Panama Carmen Estate -Paso Ancho

Paso Ancho has balanced dark sugar and roasted nut tones, with soft acidity like apple-infused water. Look for almond biscotti, dried natural apricot, and chocolate macadamia accents in light to middle roasts. City+ to Full City.

Out of stock
86.4
  • Process Method Wet Process
  • Cultivar Typica Types
  • Farm Gate No
Region Central America
Processing Wet Process (Washed)
Drying Method Patio Sun-dried
Arrival date September 2018 Arrival
Lot size 31
Bag size 69 KG
Packaging GrainPro
Cultivar Detail Typica
Grade SHB
Appearance .4 d/300gr, 17-18 Screen
Roast Recommendations City+ to Full City.

Carmen Estate is a farm we have worked with off and on for a long while now. The farm was passed down to the new generation of the Franceschi family, namely Carlos Franceschi Aguilera (Carmen was his grandmother). In the past they simply harvested the trees and sold the coffee cherry at low prices to the large farms in the valley. Carlos realized that they had a better coffee on their family farm then something to blend with lower-grown coffees. He built his own mill for the Estate down in the valley using the latest equipment, and began a program to care for the trees using new techniques. This farm uses the forced demucilage process where the fruit pulp is stripped off the parchment layer using friction, rather than traditional fermentation. I was very impressed with the high altitude and excellent practices of Carlos and Finca Carmen. This coffee has been in the top 10 of the Best of Panama competition too many times to count. The entire farm is very high altitude; it starts at 1750 meters, an altitude many farms don't even reach, and goes up from there! Altitude isn't the only factor that matters with coffee, but it does allow coffee to ripen slower and creates greater bean density. Density and slow maturation are important factors in cup quality.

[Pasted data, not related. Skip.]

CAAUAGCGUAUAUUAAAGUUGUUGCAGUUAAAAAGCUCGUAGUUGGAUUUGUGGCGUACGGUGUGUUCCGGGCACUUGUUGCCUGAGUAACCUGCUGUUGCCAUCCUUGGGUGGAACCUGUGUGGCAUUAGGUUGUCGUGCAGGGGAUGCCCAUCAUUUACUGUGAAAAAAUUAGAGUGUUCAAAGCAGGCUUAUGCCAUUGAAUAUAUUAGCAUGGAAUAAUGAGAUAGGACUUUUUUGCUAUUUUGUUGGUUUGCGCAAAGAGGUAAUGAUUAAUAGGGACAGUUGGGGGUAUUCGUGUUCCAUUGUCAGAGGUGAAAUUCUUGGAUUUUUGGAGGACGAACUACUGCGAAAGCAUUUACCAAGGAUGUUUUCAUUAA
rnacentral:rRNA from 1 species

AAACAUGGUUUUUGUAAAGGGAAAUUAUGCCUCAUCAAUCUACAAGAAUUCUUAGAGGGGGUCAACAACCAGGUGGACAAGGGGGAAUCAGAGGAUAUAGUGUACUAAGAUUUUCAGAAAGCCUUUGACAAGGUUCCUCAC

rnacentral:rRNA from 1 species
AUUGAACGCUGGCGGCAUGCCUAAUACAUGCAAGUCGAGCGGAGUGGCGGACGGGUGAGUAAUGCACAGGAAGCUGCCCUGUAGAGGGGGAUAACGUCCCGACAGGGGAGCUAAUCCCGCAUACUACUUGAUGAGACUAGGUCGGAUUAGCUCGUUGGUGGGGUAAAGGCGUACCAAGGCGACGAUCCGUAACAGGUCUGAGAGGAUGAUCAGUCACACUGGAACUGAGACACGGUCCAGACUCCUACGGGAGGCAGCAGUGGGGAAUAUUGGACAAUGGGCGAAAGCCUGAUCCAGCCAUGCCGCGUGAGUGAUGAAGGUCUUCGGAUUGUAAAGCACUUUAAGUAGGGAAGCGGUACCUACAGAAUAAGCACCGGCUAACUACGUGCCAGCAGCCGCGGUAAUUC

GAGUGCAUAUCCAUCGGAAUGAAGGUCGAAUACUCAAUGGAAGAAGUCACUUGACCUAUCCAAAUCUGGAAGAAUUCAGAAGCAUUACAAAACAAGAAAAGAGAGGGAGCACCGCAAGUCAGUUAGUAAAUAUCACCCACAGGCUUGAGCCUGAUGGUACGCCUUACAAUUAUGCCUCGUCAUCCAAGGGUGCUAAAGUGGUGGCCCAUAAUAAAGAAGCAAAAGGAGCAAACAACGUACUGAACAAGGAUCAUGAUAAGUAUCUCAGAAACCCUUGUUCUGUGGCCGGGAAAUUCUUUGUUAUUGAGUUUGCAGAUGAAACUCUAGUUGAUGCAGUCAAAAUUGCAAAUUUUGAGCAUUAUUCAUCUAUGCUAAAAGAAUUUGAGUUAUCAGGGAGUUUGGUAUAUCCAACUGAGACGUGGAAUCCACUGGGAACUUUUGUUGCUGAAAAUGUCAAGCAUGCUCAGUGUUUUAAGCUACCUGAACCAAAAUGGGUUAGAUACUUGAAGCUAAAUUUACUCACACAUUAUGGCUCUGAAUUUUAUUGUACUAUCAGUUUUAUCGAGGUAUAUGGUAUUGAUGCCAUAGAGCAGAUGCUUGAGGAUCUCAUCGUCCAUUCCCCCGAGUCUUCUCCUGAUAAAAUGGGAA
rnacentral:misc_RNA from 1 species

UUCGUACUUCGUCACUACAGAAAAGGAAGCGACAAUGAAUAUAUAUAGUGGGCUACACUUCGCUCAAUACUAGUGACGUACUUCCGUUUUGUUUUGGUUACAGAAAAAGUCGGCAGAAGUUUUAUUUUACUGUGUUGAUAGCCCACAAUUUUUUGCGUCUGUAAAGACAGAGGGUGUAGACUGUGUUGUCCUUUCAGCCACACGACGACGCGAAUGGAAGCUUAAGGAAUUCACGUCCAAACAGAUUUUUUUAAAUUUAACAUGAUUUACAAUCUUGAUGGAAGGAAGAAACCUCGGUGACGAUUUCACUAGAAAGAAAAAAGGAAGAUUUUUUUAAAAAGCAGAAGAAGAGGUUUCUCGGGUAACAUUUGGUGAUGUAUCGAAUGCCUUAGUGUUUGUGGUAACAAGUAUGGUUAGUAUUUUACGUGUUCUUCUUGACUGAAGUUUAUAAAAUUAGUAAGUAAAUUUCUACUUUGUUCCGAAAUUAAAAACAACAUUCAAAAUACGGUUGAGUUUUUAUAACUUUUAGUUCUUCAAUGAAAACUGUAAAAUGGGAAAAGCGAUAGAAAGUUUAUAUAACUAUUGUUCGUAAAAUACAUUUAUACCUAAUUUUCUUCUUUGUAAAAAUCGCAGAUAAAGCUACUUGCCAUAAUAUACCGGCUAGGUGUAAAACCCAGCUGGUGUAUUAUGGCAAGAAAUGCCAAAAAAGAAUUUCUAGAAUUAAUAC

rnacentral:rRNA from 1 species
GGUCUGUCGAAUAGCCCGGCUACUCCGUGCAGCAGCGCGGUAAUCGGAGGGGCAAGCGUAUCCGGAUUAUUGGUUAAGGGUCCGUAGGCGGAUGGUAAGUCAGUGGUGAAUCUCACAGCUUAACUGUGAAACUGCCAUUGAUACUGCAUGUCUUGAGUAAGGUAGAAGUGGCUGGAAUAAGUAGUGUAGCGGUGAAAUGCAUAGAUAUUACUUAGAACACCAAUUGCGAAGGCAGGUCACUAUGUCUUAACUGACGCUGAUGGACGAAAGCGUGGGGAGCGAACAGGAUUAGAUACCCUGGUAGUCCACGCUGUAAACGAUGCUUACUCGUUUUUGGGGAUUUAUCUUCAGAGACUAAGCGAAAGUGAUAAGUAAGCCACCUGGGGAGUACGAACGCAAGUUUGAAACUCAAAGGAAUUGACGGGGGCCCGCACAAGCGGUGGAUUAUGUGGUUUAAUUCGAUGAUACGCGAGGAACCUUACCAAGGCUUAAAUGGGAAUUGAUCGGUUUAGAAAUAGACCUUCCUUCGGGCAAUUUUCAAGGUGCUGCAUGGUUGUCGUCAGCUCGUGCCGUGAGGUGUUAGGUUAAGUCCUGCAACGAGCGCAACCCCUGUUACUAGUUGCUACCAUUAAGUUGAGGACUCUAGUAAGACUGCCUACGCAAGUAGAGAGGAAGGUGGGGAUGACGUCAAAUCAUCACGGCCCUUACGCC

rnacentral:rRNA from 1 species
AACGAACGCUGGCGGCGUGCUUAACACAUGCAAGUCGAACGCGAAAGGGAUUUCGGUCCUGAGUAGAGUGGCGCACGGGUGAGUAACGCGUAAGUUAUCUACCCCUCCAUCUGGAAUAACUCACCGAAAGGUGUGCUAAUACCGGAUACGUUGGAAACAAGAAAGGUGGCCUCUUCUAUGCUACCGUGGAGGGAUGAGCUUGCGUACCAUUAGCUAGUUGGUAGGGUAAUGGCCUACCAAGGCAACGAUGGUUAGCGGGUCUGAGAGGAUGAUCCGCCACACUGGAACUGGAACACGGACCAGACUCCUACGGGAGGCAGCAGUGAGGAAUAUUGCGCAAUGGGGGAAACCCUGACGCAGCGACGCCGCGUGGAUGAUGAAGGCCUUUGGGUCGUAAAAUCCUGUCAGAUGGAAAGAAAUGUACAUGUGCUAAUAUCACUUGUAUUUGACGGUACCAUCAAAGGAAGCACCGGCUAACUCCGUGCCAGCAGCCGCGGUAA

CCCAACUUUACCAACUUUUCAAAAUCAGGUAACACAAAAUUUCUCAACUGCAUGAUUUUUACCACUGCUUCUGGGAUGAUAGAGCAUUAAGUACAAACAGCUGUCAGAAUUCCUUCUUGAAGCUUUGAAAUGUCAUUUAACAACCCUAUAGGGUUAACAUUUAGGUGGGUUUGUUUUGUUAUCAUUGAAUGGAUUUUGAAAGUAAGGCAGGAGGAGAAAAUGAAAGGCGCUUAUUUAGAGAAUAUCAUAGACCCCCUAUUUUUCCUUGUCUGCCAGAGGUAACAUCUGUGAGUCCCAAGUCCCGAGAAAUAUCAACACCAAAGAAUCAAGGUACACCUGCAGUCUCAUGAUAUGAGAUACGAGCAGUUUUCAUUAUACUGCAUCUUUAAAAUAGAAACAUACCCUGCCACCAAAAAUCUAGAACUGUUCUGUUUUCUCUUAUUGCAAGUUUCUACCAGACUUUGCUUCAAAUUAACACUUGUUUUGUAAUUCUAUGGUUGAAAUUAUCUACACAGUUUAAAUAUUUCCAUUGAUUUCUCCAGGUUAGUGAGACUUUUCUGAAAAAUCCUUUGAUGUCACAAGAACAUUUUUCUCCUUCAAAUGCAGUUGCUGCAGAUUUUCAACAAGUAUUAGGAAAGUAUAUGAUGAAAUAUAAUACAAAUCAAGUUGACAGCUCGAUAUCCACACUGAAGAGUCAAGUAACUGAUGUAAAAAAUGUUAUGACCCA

This lot from Carmen Estate ranges from a caramel-y coffee to a more tart acidic flavor profile depending on roast development. It's not just roast level that will determine the balance between these cup characteristics, but also how fast or slow you get there. Faster roasting with a shorter time from the beginning of 1st crack to end will intensify the perceived acidity, whereas slowing the overall roast time to hit the same roast level tends to develop the coffee's sweetness, and flatten out Paso Ancho's vibrant side. I found the cup to be balanced at City+, with dark sugar and roasted nut tones highlighted by subtle vibrance that has a mouth feel like apple-infused water. It's not "bright" in comparison to African coffee, but worth noting giving the origin, and certainly a welcome presence that adds cup dimension. Look for almond biscotti, dried natural apricot, and chocolate macadamia accents in light to middle roasts too that make Paso Ancho a notch above your average every day drinker type coffee.